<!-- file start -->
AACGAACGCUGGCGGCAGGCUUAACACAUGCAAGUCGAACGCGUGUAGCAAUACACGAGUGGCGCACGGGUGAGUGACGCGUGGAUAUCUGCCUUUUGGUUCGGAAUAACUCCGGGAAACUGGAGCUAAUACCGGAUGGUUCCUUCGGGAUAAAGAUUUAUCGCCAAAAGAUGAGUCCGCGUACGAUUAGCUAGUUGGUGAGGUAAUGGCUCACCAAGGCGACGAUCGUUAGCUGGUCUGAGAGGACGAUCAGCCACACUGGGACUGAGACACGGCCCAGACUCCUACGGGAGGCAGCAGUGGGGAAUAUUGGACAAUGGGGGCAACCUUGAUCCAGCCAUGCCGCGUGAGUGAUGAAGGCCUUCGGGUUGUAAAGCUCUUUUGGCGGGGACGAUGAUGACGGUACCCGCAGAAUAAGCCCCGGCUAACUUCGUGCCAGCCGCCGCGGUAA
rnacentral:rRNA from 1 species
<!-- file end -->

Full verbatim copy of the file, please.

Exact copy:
AACGAACGCUGGCGGCAGGCUUAACACAUGCAAGUCGAACGCGUGUAGCAAUACACGAGUGGCGCACGGGUGAGUGACGCGUGGAUAUCUGCCUUUUGGUUCGGAAUAACUCCGGGAAACUGGAGCUAAUACCGGAUGGUUCCUUCGGGAUAAAGAUUUAUCGCCAAAAGAUGAGUCCGCGUACGAUUAGCUAGUUGGUGAGGUAAUGGCUCACCAAGGCGACGAUCGUUAGCUGGUCUGAGAGGACGAUCAGCCACACUGGGACUGAGACACGGCCCAGACUCCUACGGGAGGCAGCAGUGGGGAAUAUUGGACAAUGGGGGCAACCUUGAUCCAGCCAUGCCGCGUGAGUGAUGAAGGCCUUCGGGUUGUAAAGCUCUUUUGGCGGGGACGAUGAUGACGGUACCCGCAGAAUAAGCCCCGGCUAACUUCGUGCCAGCCGCCGCGGUAA
rnacentral:rRNA from 1 species